Stolen in 1982, a large French pastoral tapestry dating to the mid-18th century has been returned to its original home after more than three decades and now hangs in a château in Normandy.
The Art Loss Register, the privately run database of stolen and looted art, spotted the wall hanging in the catalogue of a London auction house in February 2014, but the find has only recently been made public after follow-up investigations. Measuring 4.3m by 2m, it was estimated at £7,000-£9,000.
The consignor, who had no idea the work had been stolen, bought it at a flea market in Paris in the 1990s. But the government had declared the tapestry a national treasure in 1974, which means the work should have been banned from permanent export. The French police and the ministry of culture confirmed it was the missing tapestry based on faded areas, repairs and damage marks.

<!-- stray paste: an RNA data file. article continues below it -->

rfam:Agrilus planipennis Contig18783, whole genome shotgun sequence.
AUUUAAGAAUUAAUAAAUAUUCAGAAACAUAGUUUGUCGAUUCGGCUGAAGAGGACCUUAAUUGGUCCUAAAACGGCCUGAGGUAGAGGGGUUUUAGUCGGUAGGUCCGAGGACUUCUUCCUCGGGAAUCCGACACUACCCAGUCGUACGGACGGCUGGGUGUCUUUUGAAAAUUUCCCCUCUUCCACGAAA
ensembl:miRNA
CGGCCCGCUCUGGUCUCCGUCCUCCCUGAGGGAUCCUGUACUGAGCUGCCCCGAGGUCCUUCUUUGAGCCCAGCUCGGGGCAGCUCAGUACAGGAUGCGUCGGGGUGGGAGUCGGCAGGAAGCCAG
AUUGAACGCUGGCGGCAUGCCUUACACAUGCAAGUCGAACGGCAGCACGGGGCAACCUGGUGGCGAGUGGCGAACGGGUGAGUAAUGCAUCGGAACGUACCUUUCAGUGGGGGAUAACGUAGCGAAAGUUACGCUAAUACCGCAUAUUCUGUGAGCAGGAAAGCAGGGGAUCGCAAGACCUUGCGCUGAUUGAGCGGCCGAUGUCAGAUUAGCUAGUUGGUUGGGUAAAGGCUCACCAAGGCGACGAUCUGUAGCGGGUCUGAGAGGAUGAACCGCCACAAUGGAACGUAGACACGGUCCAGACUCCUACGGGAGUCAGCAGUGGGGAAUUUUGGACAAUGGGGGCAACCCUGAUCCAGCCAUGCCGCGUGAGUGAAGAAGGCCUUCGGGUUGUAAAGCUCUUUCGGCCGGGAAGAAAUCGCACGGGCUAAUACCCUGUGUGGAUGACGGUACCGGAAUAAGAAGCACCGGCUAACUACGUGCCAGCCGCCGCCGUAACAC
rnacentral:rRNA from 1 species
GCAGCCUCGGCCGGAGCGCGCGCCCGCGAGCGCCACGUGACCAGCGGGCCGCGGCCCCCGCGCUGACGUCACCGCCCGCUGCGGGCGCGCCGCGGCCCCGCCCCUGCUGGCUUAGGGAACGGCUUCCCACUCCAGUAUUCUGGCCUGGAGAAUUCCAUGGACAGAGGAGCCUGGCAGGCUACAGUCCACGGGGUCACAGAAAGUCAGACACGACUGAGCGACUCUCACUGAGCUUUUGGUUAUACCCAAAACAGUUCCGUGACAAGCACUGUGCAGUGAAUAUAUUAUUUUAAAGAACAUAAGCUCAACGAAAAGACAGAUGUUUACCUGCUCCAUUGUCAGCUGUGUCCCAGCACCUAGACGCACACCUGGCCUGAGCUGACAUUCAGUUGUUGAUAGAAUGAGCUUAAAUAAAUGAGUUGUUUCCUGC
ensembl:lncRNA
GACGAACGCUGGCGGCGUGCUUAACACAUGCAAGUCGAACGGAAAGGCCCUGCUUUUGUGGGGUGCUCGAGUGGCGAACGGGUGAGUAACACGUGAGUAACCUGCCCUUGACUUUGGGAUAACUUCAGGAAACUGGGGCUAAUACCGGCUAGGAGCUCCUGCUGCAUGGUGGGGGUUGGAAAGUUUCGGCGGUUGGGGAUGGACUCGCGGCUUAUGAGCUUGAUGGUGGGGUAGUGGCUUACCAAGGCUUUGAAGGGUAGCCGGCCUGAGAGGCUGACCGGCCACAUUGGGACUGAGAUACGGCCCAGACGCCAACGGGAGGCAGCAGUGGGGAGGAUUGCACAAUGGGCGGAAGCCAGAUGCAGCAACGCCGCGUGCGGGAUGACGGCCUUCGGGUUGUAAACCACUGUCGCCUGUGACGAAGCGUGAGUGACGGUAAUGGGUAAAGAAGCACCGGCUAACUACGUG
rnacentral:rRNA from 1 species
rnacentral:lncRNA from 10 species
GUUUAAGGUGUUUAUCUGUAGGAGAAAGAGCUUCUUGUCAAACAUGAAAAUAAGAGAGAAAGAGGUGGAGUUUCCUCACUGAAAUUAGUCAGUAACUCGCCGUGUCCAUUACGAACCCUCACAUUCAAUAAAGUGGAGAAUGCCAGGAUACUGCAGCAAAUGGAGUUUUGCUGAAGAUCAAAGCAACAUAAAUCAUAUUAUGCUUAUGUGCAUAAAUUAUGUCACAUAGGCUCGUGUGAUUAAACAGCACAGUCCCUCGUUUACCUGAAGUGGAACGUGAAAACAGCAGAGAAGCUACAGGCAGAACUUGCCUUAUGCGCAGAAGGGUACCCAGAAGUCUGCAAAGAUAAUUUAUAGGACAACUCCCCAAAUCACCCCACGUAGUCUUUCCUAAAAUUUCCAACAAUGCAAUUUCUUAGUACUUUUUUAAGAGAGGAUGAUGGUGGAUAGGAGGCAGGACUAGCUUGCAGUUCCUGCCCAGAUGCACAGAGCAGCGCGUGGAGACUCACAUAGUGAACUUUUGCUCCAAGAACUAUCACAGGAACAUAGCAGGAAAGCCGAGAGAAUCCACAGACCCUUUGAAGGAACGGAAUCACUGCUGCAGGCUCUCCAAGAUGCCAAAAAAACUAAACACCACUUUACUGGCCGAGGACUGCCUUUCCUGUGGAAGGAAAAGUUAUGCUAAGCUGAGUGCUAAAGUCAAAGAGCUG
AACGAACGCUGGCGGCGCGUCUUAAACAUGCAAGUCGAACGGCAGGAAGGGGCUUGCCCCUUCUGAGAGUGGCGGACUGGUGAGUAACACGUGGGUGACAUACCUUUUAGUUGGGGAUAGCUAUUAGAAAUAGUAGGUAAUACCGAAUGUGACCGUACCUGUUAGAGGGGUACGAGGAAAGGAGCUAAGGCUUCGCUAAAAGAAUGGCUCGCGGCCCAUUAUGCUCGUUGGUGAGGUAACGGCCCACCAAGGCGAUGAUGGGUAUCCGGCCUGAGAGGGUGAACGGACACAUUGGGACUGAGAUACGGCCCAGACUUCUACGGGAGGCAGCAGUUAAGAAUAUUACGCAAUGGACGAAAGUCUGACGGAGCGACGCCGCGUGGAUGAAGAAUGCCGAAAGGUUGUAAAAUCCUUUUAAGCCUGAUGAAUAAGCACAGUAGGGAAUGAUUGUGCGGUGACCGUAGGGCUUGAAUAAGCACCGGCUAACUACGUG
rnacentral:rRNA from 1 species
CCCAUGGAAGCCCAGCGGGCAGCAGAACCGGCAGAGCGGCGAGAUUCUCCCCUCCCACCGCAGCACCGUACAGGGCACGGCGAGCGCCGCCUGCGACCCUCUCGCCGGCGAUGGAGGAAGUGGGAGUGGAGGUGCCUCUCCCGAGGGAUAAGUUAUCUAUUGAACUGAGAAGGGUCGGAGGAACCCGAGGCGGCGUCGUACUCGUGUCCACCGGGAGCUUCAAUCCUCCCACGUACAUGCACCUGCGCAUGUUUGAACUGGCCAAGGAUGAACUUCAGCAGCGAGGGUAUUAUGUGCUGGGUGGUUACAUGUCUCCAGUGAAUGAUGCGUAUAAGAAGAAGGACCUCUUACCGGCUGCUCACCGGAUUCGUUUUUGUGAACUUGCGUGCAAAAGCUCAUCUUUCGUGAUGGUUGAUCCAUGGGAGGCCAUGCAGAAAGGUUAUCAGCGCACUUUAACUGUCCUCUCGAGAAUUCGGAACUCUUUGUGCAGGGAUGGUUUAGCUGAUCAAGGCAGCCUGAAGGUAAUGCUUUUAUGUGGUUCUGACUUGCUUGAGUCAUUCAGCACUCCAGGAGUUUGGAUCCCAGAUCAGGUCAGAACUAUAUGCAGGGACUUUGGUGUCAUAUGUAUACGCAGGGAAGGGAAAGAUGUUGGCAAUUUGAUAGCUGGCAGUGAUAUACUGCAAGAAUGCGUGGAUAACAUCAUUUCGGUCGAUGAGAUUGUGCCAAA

The consignor and the original owner have since reached a resolution, and the French police have now closed the case. “This is an example of the fact that, when a work resurfaces, the thieves themselves are often long out of the picture and the art is found in the hands of an innocent third party,” says James Ratcliffe, the director of recoveries at the Art Loss Register.
“It shows how even after decades it is possible for treasures such as this to be returned to their rightful homes,” Ratcliffe says. In 2014, the company retrieved an 18th-century Louis XIV tapestry that was looted from another château in Normandy during the Nazi occupation of France.